Re: A 2465 teaser...

Tom Gardner

On 10/11/17 06:37, Chuck Harris [TekScopes] wrote:

An additional clue is the leading hook's decay curve changes
slope with sweep speed, but the scope will not trigger on
this signal, nor on any of the random grass that appears on
the trace. That indicates that it is getting injected after
the trigger pickoff.
By that do you mean that when you change the timebase
the decay curve is the same time or the same number
of divisions?

I am pretty certain it has something to do with the display
readout logic.
That was the feeling I got from reading your description.

To see whether it is correlated with the display readout
timing, I would try either of two tests:
1) apply an external signal and adjust its frequency to be
the same as (a harmonic or subharmonic) the display
readout frequency so that any "twinkling" in the traces
is more-or-less stationary. (Start with a timebase of
~200us/div). Then see if the hooks are stationary w.r.t.
the intensity variations. If they are, then the display
readout is involved.
2) without an external signal and a ~2ms/div timebase,
change the holdoff until the twinkling is stationary,
and look for the hooks as above.

If display readout is involved, I would find out what is
happening when the display is switching from trace
to readout. I would observe the Y waveform and blanking
signals after the display sequencer IC and near the
display blanking IC. Trigger on either the blanking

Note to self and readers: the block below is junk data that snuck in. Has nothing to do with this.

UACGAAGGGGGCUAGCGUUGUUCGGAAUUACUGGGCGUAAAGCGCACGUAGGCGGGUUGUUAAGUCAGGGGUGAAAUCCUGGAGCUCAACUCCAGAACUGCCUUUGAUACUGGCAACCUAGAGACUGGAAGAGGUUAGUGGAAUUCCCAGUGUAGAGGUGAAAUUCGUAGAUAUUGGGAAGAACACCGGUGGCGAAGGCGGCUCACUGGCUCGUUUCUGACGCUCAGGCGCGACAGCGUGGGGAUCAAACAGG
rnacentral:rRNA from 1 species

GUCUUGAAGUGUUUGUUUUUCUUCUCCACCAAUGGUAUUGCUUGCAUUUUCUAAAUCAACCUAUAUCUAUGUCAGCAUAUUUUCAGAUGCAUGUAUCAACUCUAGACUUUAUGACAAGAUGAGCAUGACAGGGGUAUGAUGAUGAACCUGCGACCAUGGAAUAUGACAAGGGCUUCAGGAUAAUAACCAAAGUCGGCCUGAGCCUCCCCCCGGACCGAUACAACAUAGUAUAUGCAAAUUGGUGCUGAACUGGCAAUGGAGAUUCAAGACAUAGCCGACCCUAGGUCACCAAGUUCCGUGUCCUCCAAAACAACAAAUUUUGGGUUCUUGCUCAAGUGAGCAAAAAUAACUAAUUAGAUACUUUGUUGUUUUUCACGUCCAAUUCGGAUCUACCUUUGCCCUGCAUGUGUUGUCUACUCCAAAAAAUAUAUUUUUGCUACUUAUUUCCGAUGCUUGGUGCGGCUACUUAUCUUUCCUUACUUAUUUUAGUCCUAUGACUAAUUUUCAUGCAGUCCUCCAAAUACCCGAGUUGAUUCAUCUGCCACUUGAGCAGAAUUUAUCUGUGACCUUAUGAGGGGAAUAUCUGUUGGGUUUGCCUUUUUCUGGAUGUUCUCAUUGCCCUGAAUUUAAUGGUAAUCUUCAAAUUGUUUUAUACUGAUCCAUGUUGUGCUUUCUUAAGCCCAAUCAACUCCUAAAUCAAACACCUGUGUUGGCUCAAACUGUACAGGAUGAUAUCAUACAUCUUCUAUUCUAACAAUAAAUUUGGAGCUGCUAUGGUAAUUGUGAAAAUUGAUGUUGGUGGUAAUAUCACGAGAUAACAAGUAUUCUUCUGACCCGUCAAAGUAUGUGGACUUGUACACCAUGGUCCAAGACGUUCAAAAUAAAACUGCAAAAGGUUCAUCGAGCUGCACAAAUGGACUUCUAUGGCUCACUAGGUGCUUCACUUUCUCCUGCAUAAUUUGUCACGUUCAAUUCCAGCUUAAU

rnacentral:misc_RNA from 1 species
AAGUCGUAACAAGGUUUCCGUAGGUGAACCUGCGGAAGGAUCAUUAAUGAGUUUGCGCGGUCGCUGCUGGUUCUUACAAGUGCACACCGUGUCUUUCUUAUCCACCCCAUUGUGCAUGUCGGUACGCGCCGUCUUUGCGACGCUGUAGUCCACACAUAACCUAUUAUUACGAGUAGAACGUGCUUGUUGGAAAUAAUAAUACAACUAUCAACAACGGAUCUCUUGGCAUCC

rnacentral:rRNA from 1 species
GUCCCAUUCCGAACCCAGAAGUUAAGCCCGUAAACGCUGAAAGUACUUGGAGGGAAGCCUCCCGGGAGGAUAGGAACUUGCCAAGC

waveform or the Y-waveform.

I would be looking for either the blanking signal to
be mistimed or the Y-waveform to be changing too slowly.
I would suspect the latter, so then it is a case of moving
"away from the output" until you find where it isn't
changing too slowly.

Be careful with probe tips around there; I know they
can short signals and destroy ICs :(

-Chuck Harris [TekScopes] wrote:
You may want to check all readily accessible hardware mounting and
grounding, particularly around the delay line. If the hooks are constant, then
they must be leaking into the circuit past the front-end, and somehow
localized so some parts are not affected. The one thing that is commonest to
all sections and operations is the grounding. Check that all screws are
tightened up snug (and that none are missing), and jiggle things around to see
if the symptoms can be aggravated.

To see if you've got some kind of ground loops at the front, jump the
apparently unaffected CH3 and CH4 inputs to the CH1 and CH2 - it's easy to
just use BNC cables for this.

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